I love it when you ask for something, and you finally get it, but it is not at all in the form you thought it would come. It’s like a funny little gift that life gives you. It’s like something else knows better than you what you need.

And that is the best souvenir I brought from home.

72 thoughts on “June gets a gift from Things Remembered

  1. I had a similar experience with someone coming back to apologize simply and directly. It really does lift a weight off of you. I’m happy for you because it’s generally healing going forward. I mean to say it covers other little wounds from other people in some way that makes the razor’s edge just a little less sharp.

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  2. I love that you both are friends again! Really glad that he offered you an apology and that you got what you needed. You guys were adorable. I love your bangs! My HS boyfriend showed up out of the blue a few years ago, friended me on FB, and offered me an apology. We were friends for a year and then everything blew up again. I’m glad I got my apology and that we are not speaking anymore. Too conflicted about the feelings he brought up with me being happily married.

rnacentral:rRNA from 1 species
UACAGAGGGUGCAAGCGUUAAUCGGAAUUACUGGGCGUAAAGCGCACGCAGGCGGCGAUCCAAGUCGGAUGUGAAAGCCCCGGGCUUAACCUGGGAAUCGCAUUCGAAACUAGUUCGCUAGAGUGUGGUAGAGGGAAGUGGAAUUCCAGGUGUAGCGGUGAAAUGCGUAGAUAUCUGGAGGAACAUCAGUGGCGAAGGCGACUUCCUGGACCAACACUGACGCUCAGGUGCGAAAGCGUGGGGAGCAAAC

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  3. I love this. I’m sure it took courage to for Giovanni to apologize for an old transgression when it would have been easier to just leave it in the past.
    It’s too dang hot for garage parties here in Texas. Notable exceptions are fall football watching parties. Better to keep those shenanigans outside. Beyond that, I don’t understand why people host parties where they keep their weirdest stuff. “Welcome! Just move that lawn mower/tool chest/gas can/recycling bin and make yourself at home!” 🤣

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    • When people come over here, everyone just kind of drifts out to the unattached garage and sits amongst the dirt bikes. I don’t know why, they just do.

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  4. Some people grow, mature and become better people. Some just don’t. We can’t count on one or the other. So glad this was such a positive, pleasant surprise.